The fact that Minneapolis Police Officer Derek Chauvin kept his knee on George Floyd's neck for more than 8 minutes on a public street while at least 15 people stood by, complained, recorded it or watched in horror is a testament to his disregard for George Floyd's life. pic.twitter.com/oe6ECQm4Ki— Keith Boykin (@keithboykin) March 29, 2021
The fact that Minneapolis Police Officer Derek Chauvin kept his knee on George Floyd's neck for more than 8 minutes on a public street while at least 15 people stood by, complained, recorded it or watched in horror is a testament to his disregard for George Floyd's life.
Viewing the shot of the apparent response of the response of onlookers to this murder, a reasonable reaction would not be tho cry out in anguish at Chauvin's disregard for George Floyd's life. Rather, it would be "why are so many people standing around and recording a horrid event when they could be intervening and possibly saving someone's life?"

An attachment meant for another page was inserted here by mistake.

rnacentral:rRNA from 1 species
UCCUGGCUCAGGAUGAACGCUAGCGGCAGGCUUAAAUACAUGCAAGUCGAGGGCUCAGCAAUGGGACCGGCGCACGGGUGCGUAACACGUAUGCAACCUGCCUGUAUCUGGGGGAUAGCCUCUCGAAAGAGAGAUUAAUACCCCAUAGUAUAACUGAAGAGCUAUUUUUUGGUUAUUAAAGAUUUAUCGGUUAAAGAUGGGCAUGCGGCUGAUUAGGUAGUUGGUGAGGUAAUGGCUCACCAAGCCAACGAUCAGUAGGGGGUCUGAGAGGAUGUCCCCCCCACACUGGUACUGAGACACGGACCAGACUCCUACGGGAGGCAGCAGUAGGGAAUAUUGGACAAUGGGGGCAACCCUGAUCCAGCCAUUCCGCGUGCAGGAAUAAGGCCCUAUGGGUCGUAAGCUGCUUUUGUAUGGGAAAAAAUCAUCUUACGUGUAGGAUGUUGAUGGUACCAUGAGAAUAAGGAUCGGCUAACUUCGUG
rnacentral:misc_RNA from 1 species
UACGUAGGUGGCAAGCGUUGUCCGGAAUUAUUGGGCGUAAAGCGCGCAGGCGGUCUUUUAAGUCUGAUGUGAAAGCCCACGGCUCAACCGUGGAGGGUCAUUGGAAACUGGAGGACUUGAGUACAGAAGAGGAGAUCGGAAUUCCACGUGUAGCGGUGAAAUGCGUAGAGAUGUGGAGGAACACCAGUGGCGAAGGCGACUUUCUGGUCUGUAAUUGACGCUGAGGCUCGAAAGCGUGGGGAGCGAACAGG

As a group, the individuals should have done more than they did, perhaps storm Officer Tou Thao, who was standing ground against the small crowd as the other three officers were more actively involved in the killing. However, the response of Thao would have been unpredictable, and common human instinct is not to rush a guy with a gun.
Boykin seems to believe- erroneously- that the individuals are responding passively. He finds that a "testament," presumably because they were taking photos and recording a crime, activities currently celebrated but in the past properly condemned.
However, as the video below indicates, the spectators did not merely complain, record, and watch in horror as a gruesome killing was taking place. Had that been their only response, Chauvin's defense posture would have been strengthened because his attorneys could argue that their client's behavior was not so egregious as to prompt a response. Moreover, responsibility for the act could have been somewhat dispersed.
Keith Boykin received a law degree from Harvard University in 1992. There is a propensity to appoint as judges graduates of Ivy League law schools and otherwise hold them in particularly high regard. That is a bad practice Boykin illustrates.